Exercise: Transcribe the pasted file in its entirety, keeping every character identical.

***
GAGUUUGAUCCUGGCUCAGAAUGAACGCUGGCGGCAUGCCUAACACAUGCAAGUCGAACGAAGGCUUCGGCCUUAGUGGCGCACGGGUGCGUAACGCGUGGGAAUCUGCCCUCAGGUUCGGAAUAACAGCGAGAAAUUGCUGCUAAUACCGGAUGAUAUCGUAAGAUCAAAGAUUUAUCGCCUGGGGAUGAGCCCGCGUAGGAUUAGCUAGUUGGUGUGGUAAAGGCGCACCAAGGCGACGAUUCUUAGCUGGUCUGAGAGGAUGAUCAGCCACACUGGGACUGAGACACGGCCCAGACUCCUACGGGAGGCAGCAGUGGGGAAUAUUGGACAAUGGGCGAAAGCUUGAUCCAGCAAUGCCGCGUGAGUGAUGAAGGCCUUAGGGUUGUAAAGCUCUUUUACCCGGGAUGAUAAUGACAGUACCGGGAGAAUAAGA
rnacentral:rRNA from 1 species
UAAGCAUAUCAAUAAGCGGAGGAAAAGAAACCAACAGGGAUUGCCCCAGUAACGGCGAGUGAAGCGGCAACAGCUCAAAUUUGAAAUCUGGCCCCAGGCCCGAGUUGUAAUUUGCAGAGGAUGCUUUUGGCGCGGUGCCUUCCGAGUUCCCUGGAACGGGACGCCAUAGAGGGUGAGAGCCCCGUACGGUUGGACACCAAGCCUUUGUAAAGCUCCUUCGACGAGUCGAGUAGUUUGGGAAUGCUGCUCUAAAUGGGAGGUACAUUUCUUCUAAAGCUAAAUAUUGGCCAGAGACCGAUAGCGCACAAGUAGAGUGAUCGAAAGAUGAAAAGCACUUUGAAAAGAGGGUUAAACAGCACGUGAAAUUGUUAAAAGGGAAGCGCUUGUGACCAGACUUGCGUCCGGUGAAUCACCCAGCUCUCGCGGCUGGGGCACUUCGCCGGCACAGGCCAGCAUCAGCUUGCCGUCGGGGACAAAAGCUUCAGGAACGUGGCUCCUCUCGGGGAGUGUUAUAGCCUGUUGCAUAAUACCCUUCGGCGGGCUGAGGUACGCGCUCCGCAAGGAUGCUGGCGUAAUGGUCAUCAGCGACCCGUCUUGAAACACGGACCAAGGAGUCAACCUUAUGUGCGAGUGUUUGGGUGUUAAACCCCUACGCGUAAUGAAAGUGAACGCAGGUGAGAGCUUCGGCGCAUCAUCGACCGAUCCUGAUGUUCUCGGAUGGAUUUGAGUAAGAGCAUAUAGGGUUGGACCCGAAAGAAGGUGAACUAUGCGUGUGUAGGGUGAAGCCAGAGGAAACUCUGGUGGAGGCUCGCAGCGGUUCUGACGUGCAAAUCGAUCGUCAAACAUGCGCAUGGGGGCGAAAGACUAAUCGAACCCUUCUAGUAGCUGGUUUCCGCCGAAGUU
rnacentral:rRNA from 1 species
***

GAGUUUGAUCCUGGCUCAGAAUGAACGCUGGCGGCAUGCCUAACACAUGCAAGUCGAACGAAGGCUUCGGCCUUAGUGGCGCACGGGUGCGUAACGCGUGGGAAUCUGCCCUCAGGUUCGGAAUAACAGCGAGAAAUUGCUGCUAAUACCGGAUGAUAUCGUAAGAUCAAAGAUUUAUCGCCUGGGGAUGAGCCCGCGUAGGAUUAGCUAGUUGGUGUGGUAAAGGCGCACCAAGGCGACGAUUCUUAGCUGGUCUGAGAGGAUGAUCAGCCACACUGGGACUGAGACACGGCCCAGACUCCUACGGGAGGCAGCAGUGGGGAAUAUUGGACAAUGGGCGAAAGCUUGAUCCAGCAAUGCCGCGUGAGUGAUGAAGGCCUUAGGGUUGUAAAGCUCUUUUACCCGGGAUGAUAAUGACAGUACCGGGAGAAUAAGA
rnacentral:rRNA from 1 species
UAAGCAUAUCAAUAAGCGGAGGAAAAGAAACCAACAGGGAUUGCCCCAGUAACGGCGAGUGAAGCGGCAACAGCUCAAAUUUGAAAUCUGGCCCCAGGCCCGAGUUGUAAUUUGCAGAGGAUGCUUUUGGCGCGGUGCCUUCCGAGUUCCCUGGAACGGGACGCCAUAGAGGGUGAGAGCCCCGUACGGUUGGACACCAAGCCUUUGUAAAGCUCCUUCGACGAGUCGAGUAGUUUGGGAAUGCUGCUCUAAAUGGGAGGUACAUUUCUUCUAAAGCUAAAUAUUGGCCAGAGACCGAUAGCGCACAAGUAGAGUGAUCGAAAGAUGAAAAGCACUUUGAAAAGAGGGUUAAACAGCACGUGAAAUUGUUAAAAGGGAAGCGCUUGUGACCAGACUUGCGUCCGGUGAAUCACCCAGCUCUCGCGGCUGGGGCACUUCGCCGGCACAGGCCAGCAUCAGCUUGCCGUCGGGGACAAAAGCUUCAGGAACGUGGCUCCUCUCGGGGAGUGUUAUAGCCUGUUGCAUAAUACCCUUCGGCGGGCUGAGGUACGCGCUCCGCAAGGAUGCUGGCGUAAUGGUCAUCAGCGACCCGUCUUGAAACACGGACCAAGGAGUCAACCUUAUGUGCGAGUGUUUGGGUGUUAAACCCCUACGCGUAAUGAAAGUGAACGCAGGUGAGAGCUUCGGCGCAUCAUCGACCGAUCCUGAUGUUCUCGGAUGGAUUUGAGUAAGAGCAUAUAGGGUUGGACCCGAAAGAAGGUGAACUAUGCGUGUGUAGGGUGAAGCCAGAGGAAACUCUGGUGGAGGCUCGCAGCGGUUCUGACGUGCAAAUCGAUCGUCAAACAUGCGCAUGGGGGCGAAAGACUAAUCGAACCCUUCUAGUAGCUGGUUUCCGCCGAAGUU
rnacentral:rRNA from 1 species